By Lee Polevoi
Office managers are often tasked with updating the interior of their offices — and that includes buying new art. It can be a daunting assignment, even if you'll have help making final decisions. After all, art can represent a big investment, and it's likely that each member of your team will have an opinion on the pieces that eventually go up.
But it's also a great opportunity to leave your mark on the workplace and reinforce your company's culture. To get started, here are four ideas for decorating your office.
1. Look for Art That Reflects Your Culture
How people interpret artwork is always subjective. Nevertheless, you can find art with color and themes that reflect your culture and feel relevant to your business. Use your logo and the visuals of your branding as inspiration — if your marketing agency uses sleek gray swoops in its logo, for instance, you might look for art that complements that look. More "traditional" businesses, like banks, may want to convey steadiness — in that case, a still-life or landscape in the same palette as your brand colors might work well.
And remember not to restrict your artwork to paintings. Good photography rises to the level of quality art, as do sculptures, ceramics and other media.
2. Consider the Space Where the Artwork Is Featured
The best artwork makes a strong (and favorable) first impression. Beyond the piece itself, a lot depends on where and how it's featured. A lobby wall might be big enough to accommodate a larger-than-average painting with bold colors or other features that make a statement. In smaller spaces, like a modest-sized conference room, artwork should be smaller in size, yet still offer a sense of spaciousness. Seascapes or a view through a window can achieve this effect.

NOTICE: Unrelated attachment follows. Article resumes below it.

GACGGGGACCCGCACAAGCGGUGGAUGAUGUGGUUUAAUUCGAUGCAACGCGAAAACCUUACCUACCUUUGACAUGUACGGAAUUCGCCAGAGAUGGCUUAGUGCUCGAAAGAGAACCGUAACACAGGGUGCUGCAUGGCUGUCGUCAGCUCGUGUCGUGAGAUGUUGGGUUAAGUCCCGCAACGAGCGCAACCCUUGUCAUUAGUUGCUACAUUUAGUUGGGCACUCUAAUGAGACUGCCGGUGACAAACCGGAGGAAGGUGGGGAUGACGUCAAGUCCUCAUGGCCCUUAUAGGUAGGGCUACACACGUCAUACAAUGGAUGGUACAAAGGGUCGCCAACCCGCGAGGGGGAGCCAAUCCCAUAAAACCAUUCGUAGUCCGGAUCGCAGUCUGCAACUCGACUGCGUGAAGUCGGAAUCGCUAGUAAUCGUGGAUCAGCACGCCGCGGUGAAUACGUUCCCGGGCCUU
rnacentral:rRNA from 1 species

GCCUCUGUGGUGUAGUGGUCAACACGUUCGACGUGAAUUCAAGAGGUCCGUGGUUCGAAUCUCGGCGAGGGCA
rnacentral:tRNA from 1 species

When it comes to displaying artwork, remember:
- Less is more. One or two striking pieces of art is sufficient to make your office environment come alive.
- Look for ways to angle lighting so as to highlight the artwork. Any piece that hangs in a darkened space is a potentially wasted effort.
3. Explore a Variety of Venues When Selecting Artwork
Art shopping doesn't have to be difficult. Start by asking your furniture vendor about their decor and artwork selection, or if they have any recommended resources for you — they likely have ideas and options that would blend well with the furniture they've already provided for your company. Online marketplaces also typically have a variety of pieces to choose from.
If you want to showcase your commitment to your community, buying an original piece from a local gallery is a great way to do it. Contact gallery owners in your area to get a sense for what they carry and the prices those pieces usually command.
4. Make a Sensible Purchase
It's a good idea to proceed with a budget in mind to help narrow your search from the start. Look for something that has a classic appeal and won't appear dated within a few years. Also make sure you get a wide variety of input about some of your top selections — what appeals to you may be totally off base for your boss, for example.
Ideas for decorating your office are often personal, but with the right help, you can find some pieces that create a distinctive, positive impression. Take your time to find the right artwork at the right price.